The WP Engine Model
This PandoDaily post from Trevor Gilbert does as good a job as any article I’ve seen so far in describing WPEngine’s secret sauce:
With the goal of becoming the one-stop shop for WordPress needs, the company has been steadily and methodically rolling out features that make WordPress simpler and easier since WP Engine launched in 2010. […]
Automattic’s investment in WP Engine also goes a long way towards showing how popular WP Engine has become in the WordPress community. I spoke with a number of WP Engine customers, and the testimonials aren’t just happy. They’re downright giddy with the service.[…]
In part, this has to do with WP Engine’s most intangible asset: its support team. For customers of the company, WP Engine provides technical support from WordPress experts only. In addition, the company also leverages the existing WordPress community to help solve problems in forums or on Twitter.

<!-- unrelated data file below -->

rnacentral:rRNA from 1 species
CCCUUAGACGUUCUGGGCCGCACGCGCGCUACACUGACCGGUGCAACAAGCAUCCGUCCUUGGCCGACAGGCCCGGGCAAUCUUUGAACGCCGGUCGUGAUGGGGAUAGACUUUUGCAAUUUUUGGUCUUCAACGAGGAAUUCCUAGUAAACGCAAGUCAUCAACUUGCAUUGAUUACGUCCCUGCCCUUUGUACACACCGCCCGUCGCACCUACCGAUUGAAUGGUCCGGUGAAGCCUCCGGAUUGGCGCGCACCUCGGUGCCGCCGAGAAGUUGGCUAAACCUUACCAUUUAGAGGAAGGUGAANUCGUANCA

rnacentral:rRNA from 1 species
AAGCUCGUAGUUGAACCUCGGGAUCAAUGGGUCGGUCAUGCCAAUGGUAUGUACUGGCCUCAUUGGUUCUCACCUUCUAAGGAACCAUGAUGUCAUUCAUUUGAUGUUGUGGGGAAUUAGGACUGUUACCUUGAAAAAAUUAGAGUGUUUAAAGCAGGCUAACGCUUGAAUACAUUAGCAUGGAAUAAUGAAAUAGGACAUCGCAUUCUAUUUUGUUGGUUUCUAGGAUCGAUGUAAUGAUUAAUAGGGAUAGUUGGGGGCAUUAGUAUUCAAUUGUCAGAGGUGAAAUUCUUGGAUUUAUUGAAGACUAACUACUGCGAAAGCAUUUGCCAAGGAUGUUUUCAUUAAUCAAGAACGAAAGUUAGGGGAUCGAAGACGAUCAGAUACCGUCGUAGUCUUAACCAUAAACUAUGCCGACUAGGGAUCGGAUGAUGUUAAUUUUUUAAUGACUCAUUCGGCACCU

Because of these incremental improvements all geared towards the goal of making developers’ lives easier, WP Engine is poised to tackle a huge market.
With BP Labs, BP3 is borrowing from this playbook:
- Making BPM simpler for our customers and their BPM practitioners (not to mention for ourselves), with technology, investment, and expertise.
- Create giddy customer references. Those are hard to come by in BPM, but we’re working on it.
- Rely on our superior support team to win over our customers.
We can’t borrow every page from the WP Engine playbook, but we’re going to take as many notes as we can and adapt these ideas to our market. We’re already starting to see results.